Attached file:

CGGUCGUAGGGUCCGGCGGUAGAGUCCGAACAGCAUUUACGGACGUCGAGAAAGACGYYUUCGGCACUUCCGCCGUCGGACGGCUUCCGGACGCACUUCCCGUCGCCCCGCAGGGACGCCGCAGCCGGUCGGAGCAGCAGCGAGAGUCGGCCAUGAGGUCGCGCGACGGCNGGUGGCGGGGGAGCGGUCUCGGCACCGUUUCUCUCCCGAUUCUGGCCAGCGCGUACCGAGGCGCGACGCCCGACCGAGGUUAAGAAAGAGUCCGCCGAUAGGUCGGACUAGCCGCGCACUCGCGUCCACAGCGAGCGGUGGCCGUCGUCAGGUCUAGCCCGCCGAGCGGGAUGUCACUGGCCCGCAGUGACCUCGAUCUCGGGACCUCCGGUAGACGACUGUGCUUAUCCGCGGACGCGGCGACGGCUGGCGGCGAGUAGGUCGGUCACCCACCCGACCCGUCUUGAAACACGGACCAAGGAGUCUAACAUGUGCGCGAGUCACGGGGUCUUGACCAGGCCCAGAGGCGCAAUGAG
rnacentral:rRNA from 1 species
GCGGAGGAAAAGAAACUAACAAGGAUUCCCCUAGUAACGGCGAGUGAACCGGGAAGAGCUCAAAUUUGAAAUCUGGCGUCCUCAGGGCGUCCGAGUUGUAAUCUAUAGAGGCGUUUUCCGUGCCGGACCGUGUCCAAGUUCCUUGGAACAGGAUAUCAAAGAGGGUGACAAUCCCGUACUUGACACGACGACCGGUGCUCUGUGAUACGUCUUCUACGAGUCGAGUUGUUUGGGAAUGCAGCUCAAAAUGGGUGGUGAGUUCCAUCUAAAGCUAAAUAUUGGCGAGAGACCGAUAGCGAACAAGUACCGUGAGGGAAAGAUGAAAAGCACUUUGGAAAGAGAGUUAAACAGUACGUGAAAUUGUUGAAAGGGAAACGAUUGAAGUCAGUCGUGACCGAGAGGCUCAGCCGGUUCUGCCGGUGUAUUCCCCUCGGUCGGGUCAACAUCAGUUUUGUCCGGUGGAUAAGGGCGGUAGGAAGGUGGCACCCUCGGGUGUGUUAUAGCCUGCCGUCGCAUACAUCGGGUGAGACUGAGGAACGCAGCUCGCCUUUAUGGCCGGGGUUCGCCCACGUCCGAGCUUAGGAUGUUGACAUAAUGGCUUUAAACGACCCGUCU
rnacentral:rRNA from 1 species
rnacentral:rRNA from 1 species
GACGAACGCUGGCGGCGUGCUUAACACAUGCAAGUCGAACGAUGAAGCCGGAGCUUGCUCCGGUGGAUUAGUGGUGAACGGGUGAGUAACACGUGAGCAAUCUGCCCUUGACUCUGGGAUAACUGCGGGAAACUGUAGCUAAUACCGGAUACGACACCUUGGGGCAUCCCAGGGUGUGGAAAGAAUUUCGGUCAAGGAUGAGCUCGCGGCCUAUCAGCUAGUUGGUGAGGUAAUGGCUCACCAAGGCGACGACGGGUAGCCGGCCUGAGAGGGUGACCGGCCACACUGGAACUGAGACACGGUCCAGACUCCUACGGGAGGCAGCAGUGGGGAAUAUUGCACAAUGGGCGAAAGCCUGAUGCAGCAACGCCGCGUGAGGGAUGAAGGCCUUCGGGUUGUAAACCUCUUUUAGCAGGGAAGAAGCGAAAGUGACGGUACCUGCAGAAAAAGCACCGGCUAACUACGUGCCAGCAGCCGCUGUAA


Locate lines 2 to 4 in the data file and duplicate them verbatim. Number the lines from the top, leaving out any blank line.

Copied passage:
rnacentral:rRNA from 1 species
GCGGAGGAAAAGAAACUAACAAGGAUUCCCCUAGUAACGGCGAGUGAACCGGGAAGAGCUCAAAUUUGAAAUCUGGCGUCCUCAGGGCGUCCGAGUUGUAAUCUAUAGAGGCGUUUUCCGUGCCGGACCGUGUCCAAGUUCCUUGGAACAGGAUAUCAAAGAGGGUGACAAUCCCGUACUUGACACGACGACCGGUGCUCUGUGAUACGUCUUCUACGAGUCGAGUUGUUUGGGAAUGCAGCUCAAAAUGGGUGGUGAGUUCCAUCUAAAGCUAAAUAUUGGCGAGAGACCGAUAGCGAACAAGUACCGUGAGGGAAAGAUGAAAAGCACUUUGGAAAGAGAGUUAAACAGUACGUGAAAUUGUUGAAAGGGAAACGAUUGAAGUCAGUCGUGACCGAGAGGCUCAGCCGGUUCUGCCGGUGUAUUCCCCUCGGUCGGGUCAACAUCAGUUUUGUCCGGUGGAUAAGGGCGGUAGGAAGGUGGCACCCUCGGGUGUGUUAUAGCCUGCCGUCGCAUACAUCGGGUGAGACUGAGGAACGCAGCUCGCCUUUAUGGCCGGGGUUCGCCCACGUCCGAGCUUAGGAUGUUGACAUAAUGGCUUUAAACGACCCGUCU
rnacentral:rRNA from 1 species